Definition of biomechanics in English:


plural noun

  • treated as singular The study of the mechanical laws relating to the movement or structure of living organisms.

    • ‘But his jog from computer science to biomechanics, while at the University of Oregon, set him in the right direction for a promising career.’
    • ‘He was chosen because of his international reputation of applying the science discipline of biomechanics to elite sports performance.’
    • ‘Both had ball skills that pushed the laws of physics and biomechanics to the limit.’
    • ‘Contacting a trainer who has indepth knowledge of muscle mechanics, anatomy and biomechanics will put you on the right path.’
    • ‘Yet museums are also places where complex matters such as systematics, biomechanics, and crystallography are investigated.’
    • ‘Approximately 80 students attend each year, and become educated in biomechanics, anatomy, and work on the forge.’
    • ‘The recipient projects include everything from biomechanics to genetic research, mathematical theories to computational finance.’
    • ‘The assistance of a biomechanist or a coach well-educated in biomechanics could be important in this phase of the swimmer's preparation.’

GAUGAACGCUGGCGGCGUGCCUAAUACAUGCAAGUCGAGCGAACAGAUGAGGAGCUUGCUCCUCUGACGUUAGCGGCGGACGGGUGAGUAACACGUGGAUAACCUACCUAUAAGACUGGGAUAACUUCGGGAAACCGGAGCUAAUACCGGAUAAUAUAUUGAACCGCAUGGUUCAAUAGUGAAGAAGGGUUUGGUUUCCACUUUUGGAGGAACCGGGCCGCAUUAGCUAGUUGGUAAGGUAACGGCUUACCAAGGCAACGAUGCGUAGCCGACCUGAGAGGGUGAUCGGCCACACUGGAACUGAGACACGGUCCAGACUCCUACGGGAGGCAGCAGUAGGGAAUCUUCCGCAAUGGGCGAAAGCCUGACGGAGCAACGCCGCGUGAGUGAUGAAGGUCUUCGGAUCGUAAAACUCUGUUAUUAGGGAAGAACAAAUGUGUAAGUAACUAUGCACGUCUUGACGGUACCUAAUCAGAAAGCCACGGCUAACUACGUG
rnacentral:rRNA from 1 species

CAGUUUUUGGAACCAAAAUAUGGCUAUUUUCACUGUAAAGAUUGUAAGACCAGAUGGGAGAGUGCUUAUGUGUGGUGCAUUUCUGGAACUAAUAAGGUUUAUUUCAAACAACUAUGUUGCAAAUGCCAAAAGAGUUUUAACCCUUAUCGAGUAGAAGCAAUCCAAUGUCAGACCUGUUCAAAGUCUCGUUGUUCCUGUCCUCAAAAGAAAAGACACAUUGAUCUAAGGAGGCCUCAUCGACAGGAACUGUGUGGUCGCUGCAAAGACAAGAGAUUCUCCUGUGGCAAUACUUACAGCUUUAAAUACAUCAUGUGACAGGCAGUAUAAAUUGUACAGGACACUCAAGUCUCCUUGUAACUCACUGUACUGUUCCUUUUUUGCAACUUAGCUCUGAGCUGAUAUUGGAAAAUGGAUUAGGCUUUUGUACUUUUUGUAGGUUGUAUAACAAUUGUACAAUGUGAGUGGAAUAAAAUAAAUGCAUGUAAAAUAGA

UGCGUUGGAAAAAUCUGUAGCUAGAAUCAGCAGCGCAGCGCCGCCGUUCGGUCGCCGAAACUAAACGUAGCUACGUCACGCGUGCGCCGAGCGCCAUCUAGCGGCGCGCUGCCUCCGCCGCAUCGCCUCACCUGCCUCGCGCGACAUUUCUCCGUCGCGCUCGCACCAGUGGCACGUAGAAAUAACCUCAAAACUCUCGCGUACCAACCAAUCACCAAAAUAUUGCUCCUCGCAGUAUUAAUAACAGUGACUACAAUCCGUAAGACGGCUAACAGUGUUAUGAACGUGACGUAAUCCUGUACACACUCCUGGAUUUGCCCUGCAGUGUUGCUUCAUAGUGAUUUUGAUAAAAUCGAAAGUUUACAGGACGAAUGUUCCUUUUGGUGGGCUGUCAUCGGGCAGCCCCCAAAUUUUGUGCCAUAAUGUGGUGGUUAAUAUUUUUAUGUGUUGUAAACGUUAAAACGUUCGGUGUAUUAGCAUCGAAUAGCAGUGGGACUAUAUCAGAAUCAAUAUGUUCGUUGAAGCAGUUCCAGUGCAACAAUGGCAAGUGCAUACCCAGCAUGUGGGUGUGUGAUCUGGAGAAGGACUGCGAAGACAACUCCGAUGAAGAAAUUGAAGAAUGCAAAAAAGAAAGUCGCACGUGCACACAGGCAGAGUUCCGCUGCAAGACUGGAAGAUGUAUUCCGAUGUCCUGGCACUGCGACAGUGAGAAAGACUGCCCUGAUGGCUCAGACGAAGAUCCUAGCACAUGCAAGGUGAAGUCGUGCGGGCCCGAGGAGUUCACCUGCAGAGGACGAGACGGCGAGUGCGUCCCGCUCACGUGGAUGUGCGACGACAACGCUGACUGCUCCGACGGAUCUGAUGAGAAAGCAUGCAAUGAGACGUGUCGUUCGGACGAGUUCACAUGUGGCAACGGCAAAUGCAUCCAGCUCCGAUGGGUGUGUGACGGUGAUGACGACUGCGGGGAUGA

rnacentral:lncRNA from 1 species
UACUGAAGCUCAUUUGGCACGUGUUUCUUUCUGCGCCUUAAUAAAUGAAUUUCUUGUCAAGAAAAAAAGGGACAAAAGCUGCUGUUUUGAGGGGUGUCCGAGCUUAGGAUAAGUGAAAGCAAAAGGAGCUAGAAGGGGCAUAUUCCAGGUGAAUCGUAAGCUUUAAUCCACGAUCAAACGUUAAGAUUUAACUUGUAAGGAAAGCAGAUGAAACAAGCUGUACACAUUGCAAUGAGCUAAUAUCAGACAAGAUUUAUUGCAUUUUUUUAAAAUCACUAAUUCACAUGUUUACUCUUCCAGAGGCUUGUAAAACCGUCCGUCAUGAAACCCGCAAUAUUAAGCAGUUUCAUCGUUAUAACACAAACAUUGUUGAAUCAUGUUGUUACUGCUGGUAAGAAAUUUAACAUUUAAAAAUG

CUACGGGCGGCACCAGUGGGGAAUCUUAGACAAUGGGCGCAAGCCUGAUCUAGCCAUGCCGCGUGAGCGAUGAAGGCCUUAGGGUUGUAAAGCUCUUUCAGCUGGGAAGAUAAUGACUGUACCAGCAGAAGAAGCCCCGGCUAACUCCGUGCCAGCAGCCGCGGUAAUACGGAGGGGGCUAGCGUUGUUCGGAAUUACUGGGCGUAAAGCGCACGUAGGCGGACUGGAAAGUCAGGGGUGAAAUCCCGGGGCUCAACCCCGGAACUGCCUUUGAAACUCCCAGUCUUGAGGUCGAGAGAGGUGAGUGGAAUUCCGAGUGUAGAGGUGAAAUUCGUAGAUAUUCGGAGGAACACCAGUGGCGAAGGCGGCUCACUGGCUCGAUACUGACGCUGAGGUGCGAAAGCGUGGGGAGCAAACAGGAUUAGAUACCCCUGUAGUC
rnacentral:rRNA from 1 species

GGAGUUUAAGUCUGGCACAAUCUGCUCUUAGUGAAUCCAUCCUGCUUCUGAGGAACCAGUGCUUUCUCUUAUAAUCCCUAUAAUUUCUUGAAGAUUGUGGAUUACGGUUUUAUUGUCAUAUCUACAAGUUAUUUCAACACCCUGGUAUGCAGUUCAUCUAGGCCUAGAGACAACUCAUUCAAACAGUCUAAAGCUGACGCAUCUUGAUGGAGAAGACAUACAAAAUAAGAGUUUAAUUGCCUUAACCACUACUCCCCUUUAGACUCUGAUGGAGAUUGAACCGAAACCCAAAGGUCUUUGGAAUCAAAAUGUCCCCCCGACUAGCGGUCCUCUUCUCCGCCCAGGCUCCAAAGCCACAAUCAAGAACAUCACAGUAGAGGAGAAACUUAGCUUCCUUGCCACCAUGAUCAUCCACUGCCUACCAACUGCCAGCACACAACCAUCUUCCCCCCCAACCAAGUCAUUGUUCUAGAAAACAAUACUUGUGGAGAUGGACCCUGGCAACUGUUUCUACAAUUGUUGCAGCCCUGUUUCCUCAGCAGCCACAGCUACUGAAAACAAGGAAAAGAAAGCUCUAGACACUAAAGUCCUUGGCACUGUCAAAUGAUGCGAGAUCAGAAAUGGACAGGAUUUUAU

• ‘Until next time, think about how the science of biomechanics can help eliminate some gray areas in our quest for improving performance.’
    • ‘Currently, he is an associate professor, specializing in biomechanics.’
    • ‘Sports Science will be active in all of the camps, assisting in areas such as nutrition, psychology, biomechanics and physiology.’
    • ‘Each chapter is, in fact, a hidden lesson in physiology, biomechanics and environmental chemistry.’
    • ‘In biomechanics, movements are defined by the start, middle and end positions.’
    • ‘Learn about the history of science and engineering underlying biomechanics and clinical movement analysis methods.’
    • ‘As an expert in biomechanics, his appointment brings the Caribbean up to speed with most other leading cricket nations, all of whom have embraced the scientific aspect of the game in recent years.’
    • ‘British osteopaths now presented themselves as complementary practitioners specializing in biomechanics and the manipulation of the musculo-skeletal system.’
    • ‘Now sports science has lots of branches to it these days, from physiology to biomechanics, dietetics to psychology.’
    • ‘He is a former swimming champion with a degree in engineering and training in biomechanics, biochemistry, fluid mechanics and sports physiology.’
    • ‘Of the subjects she takes at the Institute she prefers physiology, anatomy and biomechanics - wanting perhaps to know all about how her body works in gymnastics.’
    • ‘These typically develop specialist skills in one of three sports science disciplines: biomechanics, physiology and psychology.’